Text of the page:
Perennially-buzzed-about local rockers U.S. Royalty were set to release their sophomore album "Blue Sunshine" last fall before delays hit. (White House press secretary Jay Carney was at the album preview show at Industry Gallery last July.) "Blue Sunshine" finally saw the light of day this week, and the guys have been all over the web, from Interview Magazine to Nylon. The album itself – now streaming on Spotify – is more developed than the 2011 debut, "Mirrors," with the percussive, U2-ish "Lady in Waiting" a highlight, though "Get on Home" shows the group hasn't abandoned the folk-rock, Fleetwood Mac-style Americana that got them noticed in the first place. The official album release show is this weekend at the Rock & Roll Hotel, and it's certain to be packed.

Scott Miller's latest record, "Big Big World," is some of the most naked, straight ahead Americana he's recorded in his two decade career, which included time with the rocking Tennessee alt-country band the V-Roys. There are tuneful, jangling rock songs that would appeal to fans of the V-Roys or Old 97s, darker, fiddle-led country and an acoustic version of the Country Gentlemen's "Going Home" that features gorgeous tight harmonies. It bears repeated listening, but you'll also want to hear this Shenandoah Valley perform in Hill Country's basement Boot Bar.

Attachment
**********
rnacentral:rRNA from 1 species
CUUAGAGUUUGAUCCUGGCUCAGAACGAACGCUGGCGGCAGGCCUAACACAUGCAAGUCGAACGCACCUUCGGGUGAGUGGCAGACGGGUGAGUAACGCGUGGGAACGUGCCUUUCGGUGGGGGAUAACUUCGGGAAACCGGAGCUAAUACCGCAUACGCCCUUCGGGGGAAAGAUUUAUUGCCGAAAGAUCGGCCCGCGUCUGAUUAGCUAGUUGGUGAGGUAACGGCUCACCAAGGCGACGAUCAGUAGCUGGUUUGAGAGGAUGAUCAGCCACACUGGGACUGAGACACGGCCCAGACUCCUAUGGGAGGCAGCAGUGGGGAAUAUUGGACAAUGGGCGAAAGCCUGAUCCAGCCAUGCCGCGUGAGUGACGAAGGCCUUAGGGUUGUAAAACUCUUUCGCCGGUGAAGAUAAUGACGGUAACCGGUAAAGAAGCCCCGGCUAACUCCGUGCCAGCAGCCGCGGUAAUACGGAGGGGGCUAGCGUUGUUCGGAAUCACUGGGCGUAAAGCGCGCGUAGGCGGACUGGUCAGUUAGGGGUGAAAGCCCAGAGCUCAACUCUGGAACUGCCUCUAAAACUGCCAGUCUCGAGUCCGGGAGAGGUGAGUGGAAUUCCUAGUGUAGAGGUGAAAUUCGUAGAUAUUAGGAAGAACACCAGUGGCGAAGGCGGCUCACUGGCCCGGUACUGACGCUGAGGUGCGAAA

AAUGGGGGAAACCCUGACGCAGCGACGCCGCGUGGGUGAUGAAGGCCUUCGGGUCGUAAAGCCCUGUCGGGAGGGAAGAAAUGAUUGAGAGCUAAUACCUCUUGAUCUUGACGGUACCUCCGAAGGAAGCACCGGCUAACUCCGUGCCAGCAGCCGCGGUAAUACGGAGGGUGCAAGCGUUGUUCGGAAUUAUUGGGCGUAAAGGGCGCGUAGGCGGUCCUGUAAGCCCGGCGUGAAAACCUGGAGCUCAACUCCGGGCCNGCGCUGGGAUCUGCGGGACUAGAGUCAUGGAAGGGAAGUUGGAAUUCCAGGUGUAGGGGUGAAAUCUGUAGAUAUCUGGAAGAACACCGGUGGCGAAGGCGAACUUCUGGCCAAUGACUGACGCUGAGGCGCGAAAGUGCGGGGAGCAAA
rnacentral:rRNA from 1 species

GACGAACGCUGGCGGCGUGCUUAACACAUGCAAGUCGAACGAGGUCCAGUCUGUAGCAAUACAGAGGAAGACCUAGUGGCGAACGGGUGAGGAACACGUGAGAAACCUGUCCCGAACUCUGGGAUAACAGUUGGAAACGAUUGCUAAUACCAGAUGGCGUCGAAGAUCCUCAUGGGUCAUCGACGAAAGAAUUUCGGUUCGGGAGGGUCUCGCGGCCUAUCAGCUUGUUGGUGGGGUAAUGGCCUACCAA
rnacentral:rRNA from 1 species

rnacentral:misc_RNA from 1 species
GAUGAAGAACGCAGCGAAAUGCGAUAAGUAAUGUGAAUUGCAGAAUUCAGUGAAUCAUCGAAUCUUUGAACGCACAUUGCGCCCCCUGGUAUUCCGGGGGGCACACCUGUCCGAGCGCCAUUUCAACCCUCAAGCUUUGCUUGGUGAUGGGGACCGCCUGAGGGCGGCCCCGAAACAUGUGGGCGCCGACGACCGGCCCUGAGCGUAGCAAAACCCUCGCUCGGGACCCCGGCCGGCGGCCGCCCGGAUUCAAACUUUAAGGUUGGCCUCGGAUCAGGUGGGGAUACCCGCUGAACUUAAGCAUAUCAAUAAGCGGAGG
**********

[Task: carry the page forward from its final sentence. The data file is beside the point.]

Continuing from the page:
Sunday, January 26
D.C. has long been home to a vibrant community of crate diggers, and as newer collectors join their ranks, or are just curious about having a tactile relationship with their music, the D.C. Record Fair has fed their demand. The fair runs from 11 a.m. to 5 p.m. at Penn Social, and the record nerdery will keep going afterwards at Union Arts during the Analog Underground. There will be open turntables with sign-up from 5 to 6 p.m., with DJ Stuart Hudson taking over afterwards. Crafted Cocktails DC will handle the mixology.

Back in the '90s, Grant Lee Buffalo melded folk-rock and alternative rock into college radio staples "Truly, Truly" and "Mockingbirds," though they never really broke through to popular consciousness. Frontman Grant Lee Phillips has kept the flame going with a series of folkie solo records, and he performs songs from the lush, acoustic "Walking in the Green Corn" at Sixth and I.